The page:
Dutch development bank FMO has signed an agreement with UK-registered charity Shell Foundation to harness public as well as private capital for better access to energy and finance in sub-Saharan Africa and India.
Combining the foundation’s resources with the bank’s mission to alleviate poverty through debt and equity as well as social impact investment, the partners will seek funding opportunities that aim to improve the lives of the world’s poorest.
“Together FMO and Shell Foundation will co-create a fund to provide growth capital to social entrepreneurs, which we aim to launch in [the first quarter of] 2018 in collaboration with the UK Department for International Development,” said Sam Parker, director of Shell Foundation.
A trustee of the foundation, Alice Chapple, commented that the partnership sets an example for others in its use of “blended capital for high-impact interventions”, for which she added billions of dollars are still needed.
Jurgen Rigterink, CEO of FMO, and Sam Parker, director of Shell Foundation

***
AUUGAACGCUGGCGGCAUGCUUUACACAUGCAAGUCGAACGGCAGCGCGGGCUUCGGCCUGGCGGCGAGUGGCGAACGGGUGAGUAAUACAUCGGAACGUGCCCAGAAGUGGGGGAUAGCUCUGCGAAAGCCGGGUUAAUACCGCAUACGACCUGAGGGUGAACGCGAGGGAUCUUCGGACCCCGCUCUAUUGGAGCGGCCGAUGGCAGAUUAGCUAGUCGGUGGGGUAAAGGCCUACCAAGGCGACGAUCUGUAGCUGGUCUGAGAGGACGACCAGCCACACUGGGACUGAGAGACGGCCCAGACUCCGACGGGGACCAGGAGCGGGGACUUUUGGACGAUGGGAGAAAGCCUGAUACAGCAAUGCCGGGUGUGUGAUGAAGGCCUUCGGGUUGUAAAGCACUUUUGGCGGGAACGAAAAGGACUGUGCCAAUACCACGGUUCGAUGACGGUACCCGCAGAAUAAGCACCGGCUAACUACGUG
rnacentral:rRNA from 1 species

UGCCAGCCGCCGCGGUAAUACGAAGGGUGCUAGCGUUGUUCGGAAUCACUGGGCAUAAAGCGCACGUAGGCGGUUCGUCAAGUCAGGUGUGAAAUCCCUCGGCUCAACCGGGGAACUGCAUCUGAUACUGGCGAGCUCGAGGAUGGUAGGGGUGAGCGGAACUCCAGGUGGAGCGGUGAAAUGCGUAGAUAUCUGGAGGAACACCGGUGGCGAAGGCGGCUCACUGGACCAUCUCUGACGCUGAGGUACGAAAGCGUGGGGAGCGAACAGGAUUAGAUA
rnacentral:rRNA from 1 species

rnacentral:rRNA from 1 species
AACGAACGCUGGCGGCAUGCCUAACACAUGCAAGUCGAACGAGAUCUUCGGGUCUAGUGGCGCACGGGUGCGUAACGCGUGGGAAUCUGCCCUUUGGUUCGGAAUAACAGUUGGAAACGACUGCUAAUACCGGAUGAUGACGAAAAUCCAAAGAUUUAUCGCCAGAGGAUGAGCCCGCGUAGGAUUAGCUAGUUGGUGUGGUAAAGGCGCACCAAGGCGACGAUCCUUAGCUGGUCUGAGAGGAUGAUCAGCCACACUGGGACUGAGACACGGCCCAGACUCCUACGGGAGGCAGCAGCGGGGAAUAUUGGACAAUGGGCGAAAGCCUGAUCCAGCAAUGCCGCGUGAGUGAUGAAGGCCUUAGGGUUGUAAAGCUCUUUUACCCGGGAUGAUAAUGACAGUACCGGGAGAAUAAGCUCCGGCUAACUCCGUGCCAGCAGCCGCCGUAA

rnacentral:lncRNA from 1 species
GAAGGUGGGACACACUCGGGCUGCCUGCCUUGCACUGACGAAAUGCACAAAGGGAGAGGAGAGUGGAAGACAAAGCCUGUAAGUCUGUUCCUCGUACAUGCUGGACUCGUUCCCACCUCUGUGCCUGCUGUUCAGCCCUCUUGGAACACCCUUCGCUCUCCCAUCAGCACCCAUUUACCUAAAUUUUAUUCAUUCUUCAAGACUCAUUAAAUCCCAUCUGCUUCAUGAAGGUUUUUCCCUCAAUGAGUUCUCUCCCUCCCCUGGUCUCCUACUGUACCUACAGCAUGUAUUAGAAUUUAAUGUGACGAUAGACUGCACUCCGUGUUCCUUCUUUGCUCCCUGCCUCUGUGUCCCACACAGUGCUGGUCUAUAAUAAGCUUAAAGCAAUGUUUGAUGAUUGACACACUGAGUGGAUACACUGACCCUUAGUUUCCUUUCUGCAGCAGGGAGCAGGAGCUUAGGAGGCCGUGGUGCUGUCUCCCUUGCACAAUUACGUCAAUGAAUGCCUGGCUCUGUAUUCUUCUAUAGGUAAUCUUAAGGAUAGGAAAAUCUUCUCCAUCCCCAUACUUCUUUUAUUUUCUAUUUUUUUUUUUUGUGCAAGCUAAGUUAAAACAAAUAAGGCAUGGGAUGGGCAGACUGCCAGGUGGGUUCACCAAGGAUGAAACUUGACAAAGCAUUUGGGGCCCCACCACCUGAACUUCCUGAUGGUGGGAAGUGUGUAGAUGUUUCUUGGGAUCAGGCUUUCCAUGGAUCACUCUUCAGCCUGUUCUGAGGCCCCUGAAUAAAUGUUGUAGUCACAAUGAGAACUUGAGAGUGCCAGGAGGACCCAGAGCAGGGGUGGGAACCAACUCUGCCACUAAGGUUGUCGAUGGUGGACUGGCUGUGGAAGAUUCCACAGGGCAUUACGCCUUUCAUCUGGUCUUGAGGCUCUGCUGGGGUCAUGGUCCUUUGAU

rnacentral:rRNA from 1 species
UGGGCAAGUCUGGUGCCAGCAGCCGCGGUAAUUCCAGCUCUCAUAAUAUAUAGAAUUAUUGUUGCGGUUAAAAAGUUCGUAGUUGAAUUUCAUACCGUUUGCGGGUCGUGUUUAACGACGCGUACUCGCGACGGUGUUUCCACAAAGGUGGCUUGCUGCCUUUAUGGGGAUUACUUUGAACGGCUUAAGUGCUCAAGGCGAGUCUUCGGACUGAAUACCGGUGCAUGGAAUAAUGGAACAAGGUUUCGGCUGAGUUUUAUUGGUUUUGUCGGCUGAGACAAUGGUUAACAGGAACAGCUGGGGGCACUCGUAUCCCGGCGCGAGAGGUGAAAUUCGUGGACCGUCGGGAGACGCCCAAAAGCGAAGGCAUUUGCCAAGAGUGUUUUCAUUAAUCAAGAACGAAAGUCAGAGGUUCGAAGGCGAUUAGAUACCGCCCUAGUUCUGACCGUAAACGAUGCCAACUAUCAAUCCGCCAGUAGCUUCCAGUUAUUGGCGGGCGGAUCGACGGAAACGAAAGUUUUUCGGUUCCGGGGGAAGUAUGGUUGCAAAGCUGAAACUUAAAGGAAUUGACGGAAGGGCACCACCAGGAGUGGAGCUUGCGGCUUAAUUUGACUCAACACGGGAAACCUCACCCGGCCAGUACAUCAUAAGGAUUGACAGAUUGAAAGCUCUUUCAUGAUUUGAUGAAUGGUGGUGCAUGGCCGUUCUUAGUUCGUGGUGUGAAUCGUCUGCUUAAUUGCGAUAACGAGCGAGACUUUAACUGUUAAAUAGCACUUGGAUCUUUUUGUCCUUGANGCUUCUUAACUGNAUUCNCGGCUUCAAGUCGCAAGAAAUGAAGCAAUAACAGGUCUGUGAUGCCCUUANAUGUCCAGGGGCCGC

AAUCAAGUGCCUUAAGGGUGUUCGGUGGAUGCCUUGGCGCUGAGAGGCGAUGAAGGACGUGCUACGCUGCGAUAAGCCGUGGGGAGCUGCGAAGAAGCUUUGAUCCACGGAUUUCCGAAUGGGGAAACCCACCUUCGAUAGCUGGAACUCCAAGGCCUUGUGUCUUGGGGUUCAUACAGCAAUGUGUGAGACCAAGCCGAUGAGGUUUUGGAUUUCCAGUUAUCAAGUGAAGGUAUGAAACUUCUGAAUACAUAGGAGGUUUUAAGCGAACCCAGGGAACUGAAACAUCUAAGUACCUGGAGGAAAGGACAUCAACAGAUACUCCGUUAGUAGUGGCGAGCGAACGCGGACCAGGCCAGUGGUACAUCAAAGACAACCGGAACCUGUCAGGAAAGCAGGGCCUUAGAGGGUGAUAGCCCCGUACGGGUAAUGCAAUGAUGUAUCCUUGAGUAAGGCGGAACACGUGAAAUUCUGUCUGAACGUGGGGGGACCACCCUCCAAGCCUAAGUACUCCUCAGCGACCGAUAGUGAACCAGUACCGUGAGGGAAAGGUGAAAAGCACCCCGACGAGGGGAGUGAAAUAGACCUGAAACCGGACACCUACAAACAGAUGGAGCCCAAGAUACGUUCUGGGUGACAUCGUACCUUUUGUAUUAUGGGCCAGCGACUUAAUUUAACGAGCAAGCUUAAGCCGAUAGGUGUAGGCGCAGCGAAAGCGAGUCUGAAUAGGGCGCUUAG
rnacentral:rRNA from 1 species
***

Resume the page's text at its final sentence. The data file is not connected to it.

The agreement is the latest in a decade of collaboration between the parties, which have mobilised more than €70 million to provide poor homes with cooking stoves and inclusive financial services to microbusinesses in underserved communities across Africa and Asia. Shell Foundation typically teams up with financial institutions to create businesses that are closely linked to the UN’s sustainable development goals (SDGs). Its main goal is to provide innovators in renewable energy and sustainable transport with funding and technical support at the earliest stages of growth.
Parker added that he hoped the model of partnership agreed on would encourage other development finance institutions to crowd private capital into the market through investors similarly wanting to align their portfolios with the SDGs.
Jurgen Rigterink, CEO of FMO, also commented that the agreement would enable the bank to fulfill its crucial objective of reaching a wider portion of the poorest population with the ultimate of reducing global poverty.
“This is a perfect fit and we look forward to sourcing projects together that have great potential to make a difference,“ he said.
Original source: DevFin.
Posted on 25 October 2017